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22% of Scots support second indyref in three years as a result of Brexit

Research found almost half of people oppose a second independence referendum in the next three years.

Less than a quarter of Scots want a second independence referendum in the next three years because of Brexit, a poll has revealed.

Research by Ipsos Mori for STV News found that that while about two-fifths (41%) back another vote on independence before the next Scottish Parliament elections in 2021, only 22% said Brexit should result in second ballot on leaving the UK.

Almost one in five (19%) wanted another independence referendum regardless, and said the UK’s decision to quit the European Union had not impacted on this.

  • 41% of people surveyed support a second Scottish independence referendum in the next three years
  • This includes 22% who back a fresh ballot because of Brexit and 19% who want another referendum anyway

Nearly half (47%) of the 1,050 people who were surveyed were opposed to another vote on the matter and, when asked how they would vote if there was a second referendum, 50% of those likely to take part said they would opt to keep Scotland in the UK.

Meanwhile 46% said they would vote Yes to independence, while 4% were undecided or refused to say.

Support for leaving the UK was highest among those aged 25 to 34, at 59%, but in the over-55 age group 62% said they would vote No.

More than three-fifths (61%) of those surveyed said they believed Brexit would make both Scotland and the UK worse off – but while just 9% of SNP supporters and 13% of Labour voters said leaving the EU would boost the UK’s economy, this rose to almost a third (30%) for Tory supporters.

Opposition to leaving the EU was higher amongst younger voters, and 70% of those aged 16 to 24 said they believed Brexit would be bad for Britain’s economy – compared with the 50% of those aged 55 and over.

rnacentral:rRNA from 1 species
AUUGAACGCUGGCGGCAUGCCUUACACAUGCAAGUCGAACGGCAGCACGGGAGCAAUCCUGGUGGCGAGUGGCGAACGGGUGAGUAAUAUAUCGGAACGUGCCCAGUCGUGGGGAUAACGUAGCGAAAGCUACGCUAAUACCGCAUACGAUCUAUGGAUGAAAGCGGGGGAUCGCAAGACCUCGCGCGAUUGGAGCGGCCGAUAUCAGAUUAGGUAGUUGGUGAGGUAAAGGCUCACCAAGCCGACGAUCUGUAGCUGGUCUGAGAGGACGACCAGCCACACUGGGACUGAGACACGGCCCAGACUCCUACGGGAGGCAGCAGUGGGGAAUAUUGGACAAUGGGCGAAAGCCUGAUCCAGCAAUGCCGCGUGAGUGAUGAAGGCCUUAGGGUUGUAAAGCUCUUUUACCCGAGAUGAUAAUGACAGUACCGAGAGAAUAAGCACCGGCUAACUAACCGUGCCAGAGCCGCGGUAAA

Our research indicates that opposition to Scotland becoming an independent country remains higher than support for it Emily Gray

The poll, conducted between March 5 and 11, found the SNP is still ahead of its rivals when it comes to Westminster voting intentions – with 39% of those who are likely to vote and who expressed a preference saying they would back Nicola Sturgeon’s party.

Labour was second on 26%, narrowly ahead of the Scottish Conservatives on 25%, while 6% said they would back the Liberal Democrats with 4% backing other parties.

Emily Gray, managing director of Ipsos Mori Scotland, said: “Scots are pessimistic about the impact that Brexit will have on the economy, both here in Scotland and across the UK. However, Scots’ pessimism about Brexit doesn’t appear to be giving rise to a clamour for a second referendum on Scotland’s constitutional future.

“While 22% of Scots say they support a second referendum in the next three years because of Brexit, there’s still no overall majority in favour of a second independence referendum – our research indicates that opposition to Scotland becoming an independent country remains higher than support for it.

“Meanwhile, the SNP continues to have the highest vote share of any political party in Scotland after almost 11 years in government. While our poll was taken in the same week as Scottish Labour’s spring conference in Dundee, findings do not point to a Scottish Labour ‘bounce’ among voters.”

SNP business convener Derek Mackay. (David Cheskin/PA)

SNP business convener Derek Mackay said: “People continue to put their trust in the SNP to deliver for Scotland, in the face of chaos from the Tories at Westminster.

“An overwhelming majority are worried about the damage of a hard Brexit to jobs and our economy. And they’re right to be concerned – even the UK Government’s own analysis shows we’re headed for economic disaster unless we protect Scotland’s place in the single market.

“While the Tories think they can do anything they like to Scotland and get away with it, the SNP will continue to stand firm against them.

“That’s why we’re 13 points ahead of rivals at Westminster – the Tories who are responsible for the chaos, and a Labour Party too weak and divided to provide any real opposition.”

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